From the beginning, gratitude for the grace of forgiveness granted at the time of confession was closely related to the preaching and the catechesis that took place during the time of the popular mission. Vincent was so convinced of the value of offering divine mercy to sinners that he became concerned about the condition of the clergy (some of whom did not know the words of absolution) (CCD:XI:163).

Vincent continued to move forward and established a community for the mission whose members unleashed a wave of God’s forgiveness in favor of the poor, in favor of those people who were in need. At the same time he formed other priests who would be able to administer the sacraments in a worthy manner (CCD:XI:164). This prophet initiated the ministry of retreats in the motherhouse and in other places. On more than one occasion he defended that ministry and referred to the possible conversion of the persons who participated in those retreats [3].


The pardon of God and Jansenism

In the long history of Jansenism, Vincent played an important role as one opposed to that heresy. This evangelizer of the poor and of the forgotten ones, viewed that elitist, pessimistic doctrine as the total antithesis of his efforts to renew the Church. The Jansenist view was closely related to Luther’s concept of the virtual corruption of human nature and thus, the restrictive power of salvation. The inability of some people to escape condemnation and the rejection of frequent communion was not viewed favorably by Vincent de Paul who saw the merciful love of God as an answer to the cold, rigid austerity of Jansenism [4]. The proof of his efforts in this regard is seen in the fact that the Jansenists saw Vincent as an adversary who could not be easily ignored [5]. The brief study that Vincent wrote on the subject of grace was a clear refutation of the Jansenist position and highlighted the fact that the saving will of God embraces all people. God gives people sufficient grace but men and women must also do their part. Vincent expressed this idea in the following manner: all the glory from anything is due to him, as to the master writer who holds and guides the hand of the child to teach him how to write (CCD:XIIIa:172).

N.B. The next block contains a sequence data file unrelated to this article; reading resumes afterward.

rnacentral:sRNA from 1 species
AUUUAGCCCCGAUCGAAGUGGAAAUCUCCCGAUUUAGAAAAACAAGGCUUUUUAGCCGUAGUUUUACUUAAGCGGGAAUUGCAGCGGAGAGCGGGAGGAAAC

The pardon of the God and extending pardon to one’s brothers and sisters

With regard to sacramental confession as an element of Vincentian evangelization, we are able to see Vincent’s progressive thinking in that regard. One of the conferences that he gave to the Daughters of Charity was dedicated to that theme (CCD:IX:440ff) and at that time Vincent referred to confession as a means for personal growth as well as a way to obtain the forgiveness of sins. That conference can be seen as a catechetical lesson that is filled with wisdom and that concludes with the powerful affirmation of that doctrine: [a good confession] is the basis of perfection and I would like to think that, if you act in this way, God will shower you with his graces (CCD:IX:448).